Christie Vetoed Bill to Track Domestic Violence Offenders, But Fight’s Not Over
Much to the surprise of its sponsor, Gov. Chris Christie vetoed a bill that would have created a four-year pilot program in Ocean County to electronically track convicted domestic violence offenders using GPS devices that would alert victims on their cell phones if their attackers were nearby.
Assemblyman Ron Dancer said he will reintroduce “Lisa’s Law,” soon and refuted the belief of some that the technology to implement the law did not exist.
“We can use today’s technology to minimize the risk and save a life,” said Dancer (R-Jackson). “New Jersey should be a national leader in protecting the women who are victims of domestic violence. We can save lives with this legislation and the technology is there.”
The assemblyman said he knows the technology is available because he and the original bill’s co-sponsor, Assemblyman Troy Singleton, saw it when companies demonstrated the devices for them. Dancer said Singleton would again be a co-sponsor. Last session the bill number was A-3806.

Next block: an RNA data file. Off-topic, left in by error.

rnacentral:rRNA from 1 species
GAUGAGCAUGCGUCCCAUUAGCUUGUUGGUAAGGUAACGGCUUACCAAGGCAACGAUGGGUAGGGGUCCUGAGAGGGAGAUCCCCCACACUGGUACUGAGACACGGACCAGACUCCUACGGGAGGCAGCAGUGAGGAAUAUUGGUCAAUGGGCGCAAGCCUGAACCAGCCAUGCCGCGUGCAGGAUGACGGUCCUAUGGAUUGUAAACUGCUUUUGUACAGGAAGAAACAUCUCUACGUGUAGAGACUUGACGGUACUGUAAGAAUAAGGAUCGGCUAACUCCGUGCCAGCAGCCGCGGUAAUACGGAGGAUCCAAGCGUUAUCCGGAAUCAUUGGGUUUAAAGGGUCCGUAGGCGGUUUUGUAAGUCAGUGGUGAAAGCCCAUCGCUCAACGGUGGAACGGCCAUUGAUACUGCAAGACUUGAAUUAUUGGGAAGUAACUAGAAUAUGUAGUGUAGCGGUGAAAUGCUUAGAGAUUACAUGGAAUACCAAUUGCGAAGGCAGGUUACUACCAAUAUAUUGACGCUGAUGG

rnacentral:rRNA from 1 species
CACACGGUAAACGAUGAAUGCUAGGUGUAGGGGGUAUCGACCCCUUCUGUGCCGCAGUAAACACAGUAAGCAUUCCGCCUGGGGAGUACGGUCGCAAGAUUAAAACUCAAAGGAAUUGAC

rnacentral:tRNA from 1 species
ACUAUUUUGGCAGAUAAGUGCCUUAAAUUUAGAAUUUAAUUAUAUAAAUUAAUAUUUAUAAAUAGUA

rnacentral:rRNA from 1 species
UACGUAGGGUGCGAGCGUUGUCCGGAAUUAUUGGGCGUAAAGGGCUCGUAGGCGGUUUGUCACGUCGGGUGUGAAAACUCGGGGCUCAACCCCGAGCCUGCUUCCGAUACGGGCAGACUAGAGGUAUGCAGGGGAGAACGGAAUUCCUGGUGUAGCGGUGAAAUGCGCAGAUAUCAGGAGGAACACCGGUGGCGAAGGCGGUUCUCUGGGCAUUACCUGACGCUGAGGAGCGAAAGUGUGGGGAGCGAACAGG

"This truly is sad and disappointing," said Singleton (D-Mount Laurel) in an emailed statement after Christie vetoed the bill. "This was bipartisan legislation that received nearly unanimous support in both houses, but the governor has decided that being at the forefront in the fight against domestic violence is not worth a small investment from the state.”
The legislation was in honor after Letizia "Lisa" Zindell of Toms River who was murdered in August of 2009 by her former fiancée, Frank Frisco, who then killed himself. The murder-suicide attack happened the day after just Frisco was released from jail for violating a restraining order that Lisa had filed against him.
If the law was in place in 2009, Dancer said it is possible that Lisa’s life could have been saved because she would have been notified of Frisco’s location and could have taken precautionary measures. Implementing Lisa’s Law would cost money, but Dancer said the offenders would be forced to pay for the monitoring devices to the extent that they could. A judge would decide how much the offender would be assessed based on their assets.
“They will literally pay for their crime,” Dancer said.